Selma Hadzihalilovic, Bosnia human rights activist, has been named the 2016 recipient of the Clyde Snow Social Justice Award, presented by the Women’s and Gender Studies Program and the Center for Social Justice at the University of Oklahoma. The award honors the work of forensic anthropologist Clyde Snow, and is given biannually to a human rights activist or group with an outstanding record of working to support survivors of human rights abuses and advocate on behalf of communities in the pursuit of justice.
At the outbreak of war in Bosnia-Herzegovina, when she was just 16 years old, Hadzihalilovic helped create a shelter for women who were subjected to rape as part of the now-infamous program of ethnic cleansing and psychological warfare that was widely deployed during the war. For over two decades, Selma has worked together with other women activists and organizations from Bosnia and Herzegovina (including the BiH Women’s Network) to help women victims of war-related sexual violence, women returnees, conscientious objectors, and the promotion and protection of women’s human rights. Significantly, she works with victims of all ethnic and religious backgrounds, continuing the work of healing the physical and emotional wounds. At great personal cost, she prioritizes work in small towns and rural areas that are often forgotten in the aftermath of war.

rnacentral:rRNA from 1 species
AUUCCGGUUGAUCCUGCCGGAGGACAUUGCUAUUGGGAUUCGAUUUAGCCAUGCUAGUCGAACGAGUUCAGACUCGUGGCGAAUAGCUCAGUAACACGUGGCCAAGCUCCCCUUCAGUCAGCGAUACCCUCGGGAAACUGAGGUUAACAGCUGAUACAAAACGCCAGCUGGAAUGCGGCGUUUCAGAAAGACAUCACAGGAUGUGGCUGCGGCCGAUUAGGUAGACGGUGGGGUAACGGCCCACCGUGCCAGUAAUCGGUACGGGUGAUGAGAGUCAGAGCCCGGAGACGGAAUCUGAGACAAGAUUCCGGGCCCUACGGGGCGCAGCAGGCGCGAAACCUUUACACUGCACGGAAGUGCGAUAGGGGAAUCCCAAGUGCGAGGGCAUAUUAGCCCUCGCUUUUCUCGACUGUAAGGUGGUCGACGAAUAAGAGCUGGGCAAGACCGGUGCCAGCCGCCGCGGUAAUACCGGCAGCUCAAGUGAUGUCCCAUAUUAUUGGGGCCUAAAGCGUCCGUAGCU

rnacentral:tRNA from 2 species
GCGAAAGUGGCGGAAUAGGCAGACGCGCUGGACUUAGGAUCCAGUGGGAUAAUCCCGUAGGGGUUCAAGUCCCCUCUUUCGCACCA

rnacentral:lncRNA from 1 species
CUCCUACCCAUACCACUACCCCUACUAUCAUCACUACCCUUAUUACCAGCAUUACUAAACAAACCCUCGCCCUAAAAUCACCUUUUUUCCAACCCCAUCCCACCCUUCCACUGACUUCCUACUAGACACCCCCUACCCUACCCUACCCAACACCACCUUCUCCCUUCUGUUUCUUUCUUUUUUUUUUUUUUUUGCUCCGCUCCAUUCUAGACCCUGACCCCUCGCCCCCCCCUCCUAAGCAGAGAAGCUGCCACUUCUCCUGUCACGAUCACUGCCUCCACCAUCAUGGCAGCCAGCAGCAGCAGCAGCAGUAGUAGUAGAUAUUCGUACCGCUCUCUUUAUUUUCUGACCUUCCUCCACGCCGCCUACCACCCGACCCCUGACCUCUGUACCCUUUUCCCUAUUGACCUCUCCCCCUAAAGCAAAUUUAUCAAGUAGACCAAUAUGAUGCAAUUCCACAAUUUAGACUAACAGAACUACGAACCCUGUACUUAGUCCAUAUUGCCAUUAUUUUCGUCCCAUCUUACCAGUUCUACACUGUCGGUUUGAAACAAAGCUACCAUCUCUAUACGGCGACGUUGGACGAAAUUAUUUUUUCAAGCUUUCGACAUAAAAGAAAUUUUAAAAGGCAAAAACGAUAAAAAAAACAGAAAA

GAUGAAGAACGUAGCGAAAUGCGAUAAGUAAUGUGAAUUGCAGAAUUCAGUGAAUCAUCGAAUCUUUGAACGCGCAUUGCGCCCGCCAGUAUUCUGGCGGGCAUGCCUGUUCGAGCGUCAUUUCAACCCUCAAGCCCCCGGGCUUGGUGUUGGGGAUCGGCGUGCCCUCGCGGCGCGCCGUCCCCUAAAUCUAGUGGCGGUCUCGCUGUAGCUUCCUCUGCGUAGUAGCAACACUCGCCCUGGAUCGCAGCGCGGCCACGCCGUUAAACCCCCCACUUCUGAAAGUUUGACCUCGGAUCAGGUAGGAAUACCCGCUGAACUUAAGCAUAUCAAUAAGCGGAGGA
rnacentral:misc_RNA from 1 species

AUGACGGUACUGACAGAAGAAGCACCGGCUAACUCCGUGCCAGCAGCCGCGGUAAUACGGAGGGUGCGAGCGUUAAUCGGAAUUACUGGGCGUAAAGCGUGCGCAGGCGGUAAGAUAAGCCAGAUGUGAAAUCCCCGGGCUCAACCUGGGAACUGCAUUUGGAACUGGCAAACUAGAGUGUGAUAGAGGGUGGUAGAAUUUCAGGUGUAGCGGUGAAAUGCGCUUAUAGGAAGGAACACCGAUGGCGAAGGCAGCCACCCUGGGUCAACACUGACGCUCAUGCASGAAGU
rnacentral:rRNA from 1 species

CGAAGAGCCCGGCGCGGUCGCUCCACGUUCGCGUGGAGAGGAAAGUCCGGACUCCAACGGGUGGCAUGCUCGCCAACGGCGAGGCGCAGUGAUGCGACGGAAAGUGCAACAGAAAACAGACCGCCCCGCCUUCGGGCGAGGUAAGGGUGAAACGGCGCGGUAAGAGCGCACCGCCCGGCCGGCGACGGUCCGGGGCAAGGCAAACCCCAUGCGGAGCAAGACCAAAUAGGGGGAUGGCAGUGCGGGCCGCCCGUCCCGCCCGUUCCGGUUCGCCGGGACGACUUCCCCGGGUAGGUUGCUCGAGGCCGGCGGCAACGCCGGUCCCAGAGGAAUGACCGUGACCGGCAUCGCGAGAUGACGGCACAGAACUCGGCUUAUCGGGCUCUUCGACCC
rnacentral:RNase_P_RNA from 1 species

Hadzihalilovic will visit the OU Norman campus for a week, beginning March 21. She will present a public talk, “Women Building Peace in Post-Conflict Societies,” at 7 p.m. Thursday, March 24, in the Associates Room of Oklahoma Memorial Union, 900 Asp Ave. On Tuesday, March 22, she will be available for discussion following the 7 p.m. screening of the film “Grbavica: Land of My Dreams”in 148 Hester Hall, 729 Elm Avenue, The 2006 film by Bosnian film director Jasmila Zbanic is about a single mother in contemporary Sarajevo in the aftermath of systematic rapes of Bosnian women by Chetnik troops during the war.Through the eyes of the main character Esma, her teenage daughter Sara, and others, the film shows how everyday life is still being shaped by the Yugoslav wars of the 1990s.The film was an international co-production, won the Golden Bear at the 56th Berlin International Film Festival, and was Bosnia and Herzegovina’s official entry for the Best Foreign Language Film for the 79th Academy Awards in 2007.
The events are open to the public, with no cost for entry. For more information or accommodations on the basis of disability, email Center.for.Social.Justice@ou.edu or call (405) 325-5787. To help support the Fund for Clyde Snow, visit csj.ou.edu/clyde-snow-social-justice-award/.
Established in 2009, the Center for Social Justice is an initiative of the Women’s and Gender Studies Program, based in the College of Arts and Sciences at OU. The Center works to promote gender justice, equality, tolerance and human rights through local and global engagement.